Ronald Thwaites | Politics, patronage and pragmatism
There was no great idea, no measurable promise, no hopeful prospect to excite voters to come out for the local government elections. So, predictably, most stayed away and our already anaemic democracy bled once more.
"Weh yu can do for mi?" was the most frightening and persistent question in every candidate's ears. No memory of past favours, no patience with promises for the future. "Weh you gwine do for me now?"
If you had money from the bush-clearing programme, you might respond. If you did not (read: if you were PNP), yuh corner dark!
The results largely flowed from this logic. And it is likely to get worse until we define and agree on some of the fundamental purposes of our life together and make the constitutional adjustments which will flow from that.
What we, the increasingly naked emperors of the system, are ignoring is the demeaning of the craft of political engagement. No matter the trappings and phylacteries we add to our persons and offices, there is more suspicion and less honour about politics than ever before.
The bright, promising female (nurse) graduate in the US visa line on the day after the elections answered my question as to why she was migrating, with devastating scorn. "Unno no give me no choice. Trump can't worse than this."
ON THE TOBACCO TRADE
Last week, the press announced the coming of new brands of cigarettes to the local market, to be paid for, no doubt, with foreign exchange, as well as the lament that a large percentage of the product is being traded on the black market. Some time ago, we were asked to celebrate the restart of the mid-island tobacco industry.
Tobacco use is not yet illegal, but it is addictive and kills. There is a direct cost to the Jamaican taxpayer for the health expenses and loss of productivity of those who smoke. It runs into billions of dollars each year.
Despite our obligations under the convention against tobacco use and the waste of money and lives, Jamaican governments continue to do far too little to discourage tobacco use.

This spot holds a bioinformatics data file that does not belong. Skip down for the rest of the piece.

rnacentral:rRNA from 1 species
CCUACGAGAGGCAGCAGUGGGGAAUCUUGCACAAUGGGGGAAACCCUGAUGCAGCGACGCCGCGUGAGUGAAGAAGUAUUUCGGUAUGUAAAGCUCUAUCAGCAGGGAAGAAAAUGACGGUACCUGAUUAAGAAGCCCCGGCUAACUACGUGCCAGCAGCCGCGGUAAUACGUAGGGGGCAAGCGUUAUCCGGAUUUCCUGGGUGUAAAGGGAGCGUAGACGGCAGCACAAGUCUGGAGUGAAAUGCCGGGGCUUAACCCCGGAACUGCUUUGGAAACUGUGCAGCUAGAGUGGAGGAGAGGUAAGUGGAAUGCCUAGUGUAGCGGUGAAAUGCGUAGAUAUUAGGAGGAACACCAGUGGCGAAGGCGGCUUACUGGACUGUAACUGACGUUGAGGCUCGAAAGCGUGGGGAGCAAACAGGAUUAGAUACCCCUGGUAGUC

Fenton Ferguson has never been given sufficient credit for the work he did, amid fiery opposition, to stand up to the tobacco lobby and to have some warnings placed on cigarette cartons. What will Christopher Tufton do? In the next Budget, now being crafted and when the administration will have to raise tens of billions more revenue, there should be at least a doubling of the tax on tobacco.
Also, there are large swathes of our people who have not yet been apprised of the dangers of ingesting any toxic substance. For years, we have put off the comprehensive public education programme showing the compromising and often fatal effects of smoking.
It is needed now, more so when ganja use has been normalised, again without the promised campaign to alert those minded to use weed of the effects of so doing.
I am always surprised that the more than 20 members of parliament whose constituencies are directly affected by the cane and sugar industry do not demand in Parliament to know the future policies regarding this sector.
It is no secret that the original hopes for Frome, Monymusk and Bernard Lodge will not materialise. So what is the plan? The estate owners in St Thomas and Trelawny have attractive plans to diversify. What will be the fortune of cane farmers and hosts of sugar workers? What advocacy - nay, leadership - is coming from their once-powerful trade unions in designing a viable future?
As far as national discourse is concerned, we must not let history accuse us of having majored in the minor.
- Ronald Thwaites is member of parliament for Central Kingston and opposition spokesman on education and training. Email feedback to email@example.com.